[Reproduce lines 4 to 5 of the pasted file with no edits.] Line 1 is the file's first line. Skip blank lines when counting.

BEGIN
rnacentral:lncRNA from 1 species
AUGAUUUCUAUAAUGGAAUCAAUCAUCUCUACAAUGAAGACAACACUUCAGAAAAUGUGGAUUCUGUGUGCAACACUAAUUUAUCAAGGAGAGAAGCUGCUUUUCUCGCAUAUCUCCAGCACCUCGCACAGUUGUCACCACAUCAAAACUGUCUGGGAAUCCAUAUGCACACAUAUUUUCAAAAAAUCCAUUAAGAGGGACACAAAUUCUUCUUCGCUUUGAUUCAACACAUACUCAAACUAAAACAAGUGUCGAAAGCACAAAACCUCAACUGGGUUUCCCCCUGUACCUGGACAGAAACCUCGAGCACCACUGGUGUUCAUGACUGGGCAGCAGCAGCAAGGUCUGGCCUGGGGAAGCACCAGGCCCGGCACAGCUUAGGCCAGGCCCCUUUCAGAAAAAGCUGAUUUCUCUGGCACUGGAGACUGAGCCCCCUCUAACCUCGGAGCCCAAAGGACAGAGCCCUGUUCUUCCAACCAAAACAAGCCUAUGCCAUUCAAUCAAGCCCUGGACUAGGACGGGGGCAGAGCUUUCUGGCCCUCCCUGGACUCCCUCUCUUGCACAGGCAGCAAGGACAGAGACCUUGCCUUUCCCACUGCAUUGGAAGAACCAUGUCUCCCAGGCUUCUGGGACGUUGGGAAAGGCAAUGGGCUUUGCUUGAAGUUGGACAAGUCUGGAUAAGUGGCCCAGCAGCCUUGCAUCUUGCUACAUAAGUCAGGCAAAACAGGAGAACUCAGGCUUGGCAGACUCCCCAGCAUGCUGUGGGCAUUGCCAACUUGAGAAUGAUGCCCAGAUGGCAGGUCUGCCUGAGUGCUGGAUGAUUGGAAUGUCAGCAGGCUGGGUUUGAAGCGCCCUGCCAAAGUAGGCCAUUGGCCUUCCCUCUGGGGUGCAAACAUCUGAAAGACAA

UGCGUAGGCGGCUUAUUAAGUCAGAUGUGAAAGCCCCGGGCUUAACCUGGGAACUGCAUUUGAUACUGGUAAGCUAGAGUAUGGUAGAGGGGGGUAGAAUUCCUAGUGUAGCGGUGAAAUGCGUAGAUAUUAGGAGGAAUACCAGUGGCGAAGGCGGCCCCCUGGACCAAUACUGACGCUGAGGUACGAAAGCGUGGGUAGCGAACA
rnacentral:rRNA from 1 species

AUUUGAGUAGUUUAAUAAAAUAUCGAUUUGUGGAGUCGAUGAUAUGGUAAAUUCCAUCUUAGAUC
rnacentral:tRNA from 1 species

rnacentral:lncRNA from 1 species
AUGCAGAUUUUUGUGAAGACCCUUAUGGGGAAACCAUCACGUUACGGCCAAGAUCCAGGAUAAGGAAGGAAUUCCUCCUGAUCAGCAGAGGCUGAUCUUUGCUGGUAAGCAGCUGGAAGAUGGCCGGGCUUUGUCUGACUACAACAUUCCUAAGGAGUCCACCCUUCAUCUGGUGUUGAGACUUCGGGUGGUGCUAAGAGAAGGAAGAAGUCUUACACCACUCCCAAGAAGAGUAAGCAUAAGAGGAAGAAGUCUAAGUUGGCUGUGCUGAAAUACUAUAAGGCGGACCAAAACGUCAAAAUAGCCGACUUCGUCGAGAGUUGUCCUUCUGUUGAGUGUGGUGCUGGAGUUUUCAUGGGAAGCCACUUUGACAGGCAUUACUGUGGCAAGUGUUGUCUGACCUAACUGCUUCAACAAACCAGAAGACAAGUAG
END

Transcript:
rnacentral:rRNA from 1 species

AUUUGAGUAGUUUAAUAAAAUAUCGAUUUGUGGAGUCGAUGAUAUGGUAAAUUCCAUCUUAGAUC